Today was a special day, not that I realised it until It was time to leave mind you.

In my mind it was another family party which was a yearly tradition until, of course, Covid hit and we couldn’t see each other. Seeing everyone was lovely but to me personally I didn’t really feel emotional or overwhelmed it was just nice to see my family that I hadn’t seen in so long.

After we had exchanged presents, all caught up and had a banging roast dinner (Thankyou Granny!!) it was my queue to leave, I did the usual rounds of saying goodbye to everyone, thanking them and wishing them a happy new year and then it came to saying goodbye to my Grampy- he was in the loft so I popped my head up and said I was going, to which he quickly replied “Ok, wait there I’m coming down.” It’s worth noting that I had climbed the ladder in my heels so the concentration I had was like no other.

This is where it starts to get emotional.

After my gramps had come down from the loft I went in to give him a hug to which he fully embraced, it was a tighter hug than normal and he said to me how he had really missed me and he was so glad that I came. When the hug had ended I looked at him and he had tears in his eyes, welling up. That’s when it really hit me. This family party probably meant more to my grandparents than anyone else in that room today, as he was classed as ECV (Extremely clinically vulnerable) throughout the pandemic he wasn’t allowed to see any of us, even when the restrictions had ended a lot of our family took extra precautions to ensure he was safe. This was the first time in 2 years that his whole family were together, laughing, taking photos and being our usual selfs.

Every time I looked over throughout our party he would be sat there soaking it all up, he didn’t necessarily want to be involved in the conversations but rather listen. As your children leave the nest and raise their own families it’s common that the only time we can really all get together is around this festive time, don’t get me wrong- there is an awful lot of my family (to put in to perspective there were 18 people there today, we had all done LFT’s and were negative and all been double/triple jabbed I’d like to add) which means that you are likely to leave feeling absolutely worn out but oh my gosh is it worth it to see the pure joy on everyones faces.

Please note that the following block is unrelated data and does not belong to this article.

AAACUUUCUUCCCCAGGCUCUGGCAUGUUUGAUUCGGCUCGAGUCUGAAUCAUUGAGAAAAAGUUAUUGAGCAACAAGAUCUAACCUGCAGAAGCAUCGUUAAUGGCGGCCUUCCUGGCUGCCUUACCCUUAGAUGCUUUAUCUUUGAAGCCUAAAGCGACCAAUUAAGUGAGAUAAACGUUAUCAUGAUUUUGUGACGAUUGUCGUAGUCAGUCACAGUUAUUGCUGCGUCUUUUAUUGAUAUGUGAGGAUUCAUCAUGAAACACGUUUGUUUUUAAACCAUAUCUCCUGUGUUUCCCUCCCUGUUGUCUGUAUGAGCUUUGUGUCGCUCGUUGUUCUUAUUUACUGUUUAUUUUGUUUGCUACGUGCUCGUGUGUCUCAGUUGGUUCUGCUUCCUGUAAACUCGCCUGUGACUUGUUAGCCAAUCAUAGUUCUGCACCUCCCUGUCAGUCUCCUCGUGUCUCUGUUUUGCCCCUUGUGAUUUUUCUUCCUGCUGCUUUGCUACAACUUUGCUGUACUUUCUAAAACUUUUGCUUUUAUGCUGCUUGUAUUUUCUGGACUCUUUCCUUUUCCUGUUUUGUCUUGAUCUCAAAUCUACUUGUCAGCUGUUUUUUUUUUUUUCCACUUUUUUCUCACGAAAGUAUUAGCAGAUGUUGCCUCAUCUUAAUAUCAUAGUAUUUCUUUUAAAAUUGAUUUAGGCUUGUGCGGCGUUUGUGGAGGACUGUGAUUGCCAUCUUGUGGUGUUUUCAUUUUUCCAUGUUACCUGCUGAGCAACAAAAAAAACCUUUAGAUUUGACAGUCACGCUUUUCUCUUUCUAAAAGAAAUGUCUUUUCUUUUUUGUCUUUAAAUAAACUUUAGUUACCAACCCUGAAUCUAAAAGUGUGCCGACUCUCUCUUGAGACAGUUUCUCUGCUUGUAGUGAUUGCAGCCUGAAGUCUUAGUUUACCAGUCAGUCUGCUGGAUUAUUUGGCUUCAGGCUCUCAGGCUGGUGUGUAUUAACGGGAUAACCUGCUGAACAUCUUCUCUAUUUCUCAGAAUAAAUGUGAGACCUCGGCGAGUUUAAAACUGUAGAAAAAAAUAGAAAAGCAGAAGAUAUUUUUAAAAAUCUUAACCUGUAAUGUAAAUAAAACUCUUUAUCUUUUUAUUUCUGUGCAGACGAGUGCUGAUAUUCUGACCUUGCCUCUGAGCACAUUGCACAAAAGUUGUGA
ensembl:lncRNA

I am one of the lucky ones though. No matter how badly I think I am doing with my diabetes or the struggles I face in life I know that my family are so proud of me.

My Gramps is one of those people.

He’s always thought that it was amazing how I just took my diagnosis in my stride, and that’s sometimes the perspective I need. He has type 2 diabetes so we have always had a running joke of comparing each others sugar levels, I’d like to say I usually win but that would be a big lie – the odd occasion where I do beat him though you better believe that he does not hear the end of it.

Don’t get me wrong, I have kept in contact with my grandparents and family but FaceTime isn’t quite the same. And to be quite honest it wasn’t until today that I truly realised the impact this lockdown has actually had on everyone- we can all fake a smile and a laugh on video calls but to see those you love welling up because they haven’t seen you in so long really does tug on my ice cold heart strings.

I know that Covid isn’t going to go away any time soon but for me personally I am going to ensure that I am doing everything I physically can to ensure that that we haven’t got to spend another two years away from our loved ones.


Please remember if you ever feel alone there are so many support services out there for you. Some of which are as follows:

Mind : https://www.mind.org.uk/need-urgent-help/

Student Space : https://studentspace.org.uk/support-services

Samaritans: https://www.samaritans.org

Lets Talk: https://talk2gether.nhs.uk


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